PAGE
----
Recent actions by the president of Mt. Saint Mary’s University in Maryland have brought unwanted attention to a good Liberal Arts college. When a vacancy occurs in the Office of the President of most colleges and universities they tend to hire businessmen and former politicians. CU-Boulder and Colorado Christian are two recent examples. Bruce Benson (CU-Boulder) and former Sen. Bill Armstrong (Colorado Christian) have no previous experience in higher education, nor have they earned the credentials required of college presidents. But, they have resources or influence that can benefit their institutions. And, in an increasingly competitive academic environment, that means a lot.
But, sometimes “mistakes happen” as happened last week at Mt. St. Mary’s University. Fortunately, not everything is bad at that university.
For example, Mt. St. Mary’s University is home to the Catholic and Dominican Institute that in June will conduct a three-day conference on the philosophy of St. Thomas Aquinas.
Most Catholic institutions, over the past fifty years, have been secularized as they sought “acceptance” by other institutions. So it is a pleasant surprise to learn that there is something like a Catholic and Dominican Institute at a university now the object of unwanted bad publicity.
Newly released “Carnegie Classifications” have been published
These sentences in Peter Drucker’s The New Realities (Harper and Row, 1989) shed some light on this year’s Presidential election.
“Every one of the charismatic leaders of this century ended up a maniac.”
“Charisma without a program is always ineffectual. But there are no programs today.”
This should give pause to those of us considering whether to vote for The Donald, Marco Rubio or Bernie Sanders.
Bernie Sanders is riding the Leftward movement of the Democrats under President Barack Obama and has a program that will destroy the American economy, if elected.
The Donald has no experience in politics or government and is supremely confident that his business experience is all that is needed to make America great again.
And Marco Rubio, as I explained in this essay in the American Spectator, will be, like President John F. Kennedy, “over his head” if elected.
All three are charismatic leaders, like JFK, and that should give us great concern.
Long time Republicans don’t seem to like Donald Trump, but independents and some Democrats weary of Obama’s Leftward tilt think Trump is just right. GOP Governors Christie and Bush don’t like Marco Rubio. Yet, South Carolina Senator Lindsey Graham admits that young Marco will become President of the United States–someday–just not now. And “social conservatives” love Ted Cruz who struggles to include Libertarians and economic conservatives in his coalition.
Unfortunately, there is no one candidate liked by every Republican voter.
We were spoiled by the likes of Ronald Reagan who consistently advocated conservative, limited government, policies and stood fast during three attempts to win the GOP nomination. Donald Trump likes to say that Ronnie was a Democrat before becoming a Republican. But that doesn’t seem to satisfy voters who learn that Trump, not very long ago, was on the opposite side of most issues today and claims that he has reformed.
Not very long ago, Marco Rubio, well, Marco is a youngster with little experience to recommend himself and an annoying manner of calling for a new “American century” and forgetting that this concept advocated the bringing of Democracy throughout the world, something that “W” did and in doing so created a menace as great as Adolph Hitler.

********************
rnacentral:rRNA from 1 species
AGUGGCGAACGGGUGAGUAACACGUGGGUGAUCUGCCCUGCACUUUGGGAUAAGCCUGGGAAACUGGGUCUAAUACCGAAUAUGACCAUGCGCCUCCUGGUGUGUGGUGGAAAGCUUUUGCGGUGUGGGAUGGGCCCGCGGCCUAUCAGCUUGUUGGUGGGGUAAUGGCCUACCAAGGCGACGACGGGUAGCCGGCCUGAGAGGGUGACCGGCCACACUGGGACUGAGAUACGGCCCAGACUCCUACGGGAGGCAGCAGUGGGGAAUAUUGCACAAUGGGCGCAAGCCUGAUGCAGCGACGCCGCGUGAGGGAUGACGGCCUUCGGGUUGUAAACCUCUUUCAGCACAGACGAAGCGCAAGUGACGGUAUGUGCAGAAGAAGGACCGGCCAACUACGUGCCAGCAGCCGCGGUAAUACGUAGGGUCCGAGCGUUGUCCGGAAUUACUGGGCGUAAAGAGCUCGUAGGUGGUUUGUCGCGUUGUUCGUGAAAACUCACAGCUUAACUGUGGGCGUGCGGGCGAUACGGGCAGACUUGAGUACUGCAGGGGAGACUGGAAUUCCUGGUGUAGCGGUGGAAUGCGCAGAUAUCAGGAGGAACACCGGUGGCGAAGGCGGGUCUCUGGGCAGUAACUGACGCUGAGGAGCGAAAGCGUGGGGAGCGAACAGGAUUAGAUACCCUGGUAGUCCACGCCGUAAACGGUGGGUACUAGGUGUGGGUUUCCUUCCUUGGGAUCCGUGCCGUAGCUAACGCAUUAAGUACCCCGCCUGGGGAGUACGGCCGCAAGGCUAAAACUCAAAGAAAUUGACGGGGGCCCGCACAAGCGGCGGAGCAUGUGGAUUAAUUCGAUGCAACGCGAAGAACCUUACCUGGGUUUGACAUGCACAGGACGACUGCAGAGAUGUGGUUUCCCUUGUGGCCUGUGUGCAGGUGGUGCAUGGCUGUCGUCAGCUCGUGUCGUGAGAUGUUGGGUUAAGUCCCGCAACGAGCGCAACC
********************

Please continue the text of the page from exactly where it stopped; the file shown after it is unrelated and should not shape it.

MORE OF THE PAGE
John Kasich, a very experienced former member of Congress and current Governor of Ohio is a “Me Too” Republican who seems not to have seen a government policy he didn’t like as long as his Ohio constituents went along.
And so it is with a Grand Old Party that has lost two consecutive elections to a Marxist-trained community organizer and, even with Congressional majorities in both houses of Congress, can’t seem to want to shut down President Obama’s government or introduce Impeachment charges for a vote. Sen. Mitch McConnell is a throwback to an earlier time when every President spent summers in Kennebunkport. There seems to be a spark of innovation in Paul Ryan, but he is committed to a legislative process that ignores immediate, principled, action.
All in all, it looks like the GOP will lose the 2016 Presidential election except for the incredible problems facing former Secretary of State Hillary Clinton. That leaves Bernie Sanders who has ignited the interest of low information voters who never read the Communist Manifesto.
So, maybe the problem isn’t with the candidates. The problem may be the dumbing down of Americans by a failed system of education that offers everything, but affirms nothing. If a country’s educators stand for nothing, why expect our politicians to stand for something? Visit any university campus in America, with the exception of about ten known for being “conservative,” and you find that students are not required to study American history, government or free market economics. Required courses in the history of Western civilization hasn’t been required for forty-five years. That is the finding of a study by the American Council of Alumni and Trustees–posted at this Website yesterday–and, frankly, it scares the hell out of me.
Eric Bledsoe reports on the American Council of Trustees and Alumni’s investigation of 1,100 colleges and universities. Only 18 percent require students to take a course in U.S. history or government.